The Tyranny of the Algorithm
A while ago, I noticed that some people changed the way that they were writing LinkedIn posts. Rather than writing in sentences and paragraphs, everything would be written in this weird separated way with everything spaced out in a really unnatural way. Then certain other common patterns appeared (e.g. using PDFs documents with multiple pages, or ‘carousels’ as some people call them). Video was huge, then not huge, and so the trends fluctuated. Some of the formats seemed really good and useful… others… not so much (we’ve probably all clicked on the occasional ‘click bait’ LinkedIn post…).
I gather one of the reasons that people post in particular ways is to get maximum exposure, and to do this you have to pander to the algorithm. It is, after all, the algorithm that will decide how many people see your post… and not all posts are created equal. Those that get more ‘engagement’ will be seen by more people (and, very likely, get even more engagement). Yet the algorithm decides what counts as ‘engagement’.
There’s nothing inherently wrong with this. LinkedIn is a private enterprise, it can (I suppose) run its operations however it chooses. But take a step back for a moment, and let’s make a hypothesis here:
The algorithm has changed the way people write content and interact with others on LinkedIn
I’m making no moral judgment here, and the way that people write and engage with each other has adapted over the years. But let’s follow this to its logical conclusion: social media algorithms have the ability to influence the style and formats in which people communicate. It decides what content gets seen (and doesn’t get seen). Again, as users we might be OK with that. But I hope that there is someone within those companies asking a whole set of ethical questions…
Avoiding Biases and Unintended Consequences
In particular, it’s important to consider whether algorithms might lead to bias, and might inadvertently disadvantage or affect particular groups or stakeholders, or whether they might have other types of unintended consequences. For example, I’d imagine that the LinkedIn algorithm probably aims to keep people on the site for as long as possible, and serve them up relevant adverts. But when people learn its nuances, they start to ‘game’ the algorithm, meaning that some folks are more likely to get their content seen than others. Presumably, LinkedIn eventually learns about this too, and adapts the algorithm, and the process repeats.
Yet unintended consequences like this aren’t limited to IT or algorithms. Nor are biases (there are plenty of well-documented cognitive biases that affect people too). Crucially this is an area where BAs can help ask some of the difficult questions, and get beyond (or at least highlight) potential issues.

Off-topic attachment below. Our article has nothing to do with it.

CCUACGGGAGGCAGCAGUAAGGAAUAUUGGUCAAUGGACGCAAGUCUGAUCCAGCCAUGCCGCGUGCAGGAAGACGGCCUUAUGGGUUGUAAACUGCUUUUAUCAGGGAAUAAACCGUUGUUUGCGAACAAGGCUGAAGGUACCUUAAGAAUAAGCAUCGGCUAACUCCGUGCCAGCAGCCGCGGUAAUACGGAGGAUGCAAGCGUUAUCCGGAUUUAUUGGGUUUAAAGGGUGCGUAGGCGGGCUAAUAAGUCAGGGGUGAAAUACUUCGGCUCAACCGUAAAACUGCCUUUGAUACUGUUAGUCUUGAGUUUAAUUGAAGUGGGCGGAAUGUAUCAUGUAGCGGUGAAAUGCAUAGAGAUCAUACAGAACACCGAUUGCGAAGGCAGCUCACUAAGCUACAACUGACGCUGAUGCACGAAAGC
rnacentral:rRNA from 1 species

I have often thought it interesting that within most organizations, if you ask the question “who is responsible for regulatory compliance” you will get a clear cut answer. There is usually a legal or compliance team, and often a named individual who is responsible and accountable. Ask “who is responsible for the ethics of this product or project?” and (outside of some very specific domains) you’ll likely get a blank stare. Or, you’ll get a word-soup answer that boils down to “we’re all responsible”. And when everyone is responsible, too often nobody steps up to ask the hard questions.
The Ethical Imperative
This is a space where BAs can add significant value. As BAs we’ll be used to conducting stakeholder analysis, thinking in terms of the different stakeholders or personas who will be impacted by a particular proposal. We can extend this thinking by asking “who isn’t here around the table, who is missing from these conversations, and how can we ensure they are represented?”.
We can ask the difficult, but important ethical questions, and ensure that the projects and products that are progressed by the organization are in line not only with its strategy but also its values. If there’s a strategy-execution divide in many organizations, that’s nothing compared to the values-execution divide! (We’ve probably all had experiences with organizations that say they ‘put the customer at the heart of what they do’ that… definitely don’t actually do that!).
Often, as BAs, we are able to take a step and ask “what is the impact of this”, and “what does success look like for X stakeholder group?” and “how does that vary from what the Y stakeholder group thinks?”. By taking a holistic view, balancing different viewpoints and putting an ethical lens on things, we can hopefully reduce the risk of inadvertently introducing bias or unintended consequences.
This involves us having the courage to ask bold questions and keep ethics firmly in mind. If we don’t, there’s a real danger that the ethical dimension will get missed. A situation that I’m sure we’re all keen to avoid!